Illness perceptions in patients on Predialysis care: Associations with time until start of dialysis and decline of kidney function

Yvette Meuleman*, Moniek C M De Goeij, Nynke Halbesma, Joseph Chilcot, Friedo W. Dekker, Sandra Van Dijk

*Corresponding author for this work

Research output: Contribution to journalArticlepeer-review

Abstract / Description of output

Objectives: Illness perceptions in patients with end-stage renal disease are associated with nonadherence and increased mortality. However, no data are available regarding the relationship between illness perceptions and accelerated disease progression in predialysis patients. Methods: A total of 416 incident predialysis patients participating in a prospective cohort (PREPARE-2, Predialysis Patient Record-2) completed the Revised Illness Perception Questionnaire at the start of specialized predialysis care. The association between illness perceptions and time until start of dialysis was investigated using Cox regression models. Linear mixed modeling was used to test associations between illness perceptions and change of kidney function during predialysis care. Adjustments were made for sociodemographic, clinical, and biochemical factors. Results: Five illness perceptions were associated with disease progression. Dialysis started earlier and kidney function declined faster (ml/min per 1.73 m2/y) in patients who perceived their kidney disease as being cyclical in nature (adjusted hazard ratio [HRadj] = 1.32 [95% confidence interval {CI} = 1.11-1.56]; adjusted additional change = 0.64 [95% CI = 1.16 to -0.13]), having many negative consequences (HRadj = 1.47 [95% CI = 1.18-1.85]; adjusted additional change = 0.67 [-1.30 to -0.04]) and causing negative feelings (HRadj = 1.21 [95% CI = 1.03-1.42]; adjusted additional change = 0.65 [95% CI = 1.13 to -0.16]). In addition, kidney function declined faster in patients who perceived that their kidney disease cannot be personally controlled (adjusted additional change = 0.69 [95% CI = 1.31 to -0.09]) andwho perceived that they did not fully understand their kidney disease (adjusted additional change = 0.53 [-1.05 to -0.01]). Conclusions: Stronger negative perceptions of illness at the start of predialysis care are a marker for accelerated disease progression. Detecting illness perceptions in predialysis patients may provide opportunities to intervene and slow down disease progression.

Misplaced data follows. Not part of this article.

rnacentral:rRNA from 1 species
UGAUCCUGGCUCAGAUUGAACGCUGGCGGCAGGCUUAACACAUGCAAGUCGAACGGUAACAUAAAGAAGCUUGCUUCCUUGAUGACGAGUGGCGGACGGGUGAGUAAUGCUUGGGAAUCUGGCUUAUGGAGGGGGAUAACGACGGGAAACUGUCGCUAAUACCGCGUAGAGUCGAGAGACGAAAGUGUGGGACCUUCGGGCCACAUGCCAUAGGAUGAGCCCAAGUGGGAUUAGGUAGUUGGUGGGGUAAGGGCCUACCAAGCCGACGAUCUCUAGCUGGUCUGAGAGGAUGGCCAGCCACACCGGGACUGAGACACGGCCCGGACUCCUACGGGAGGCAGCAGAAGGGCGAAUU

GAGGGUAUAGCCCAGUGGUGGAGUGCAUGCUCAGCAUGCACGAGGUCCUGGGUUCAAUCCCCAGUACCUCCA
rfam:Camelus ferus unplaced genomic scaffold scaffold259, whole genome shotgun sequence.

Original languageEnglish
Pages (from-to)946-954
Number of pages9
JournalPsychosomatic Medicine: Journal of Biobehavioral Medicine
Issue number8
Publication statusPublished - 9 Oct 2015

Keywords / Materials (for Non-textual outputs)

  • chronic kidney disease
  • decline of kidney function
  • illness perceptions
  • predialysis care
  • self-regulation theory
  • start of dialysis


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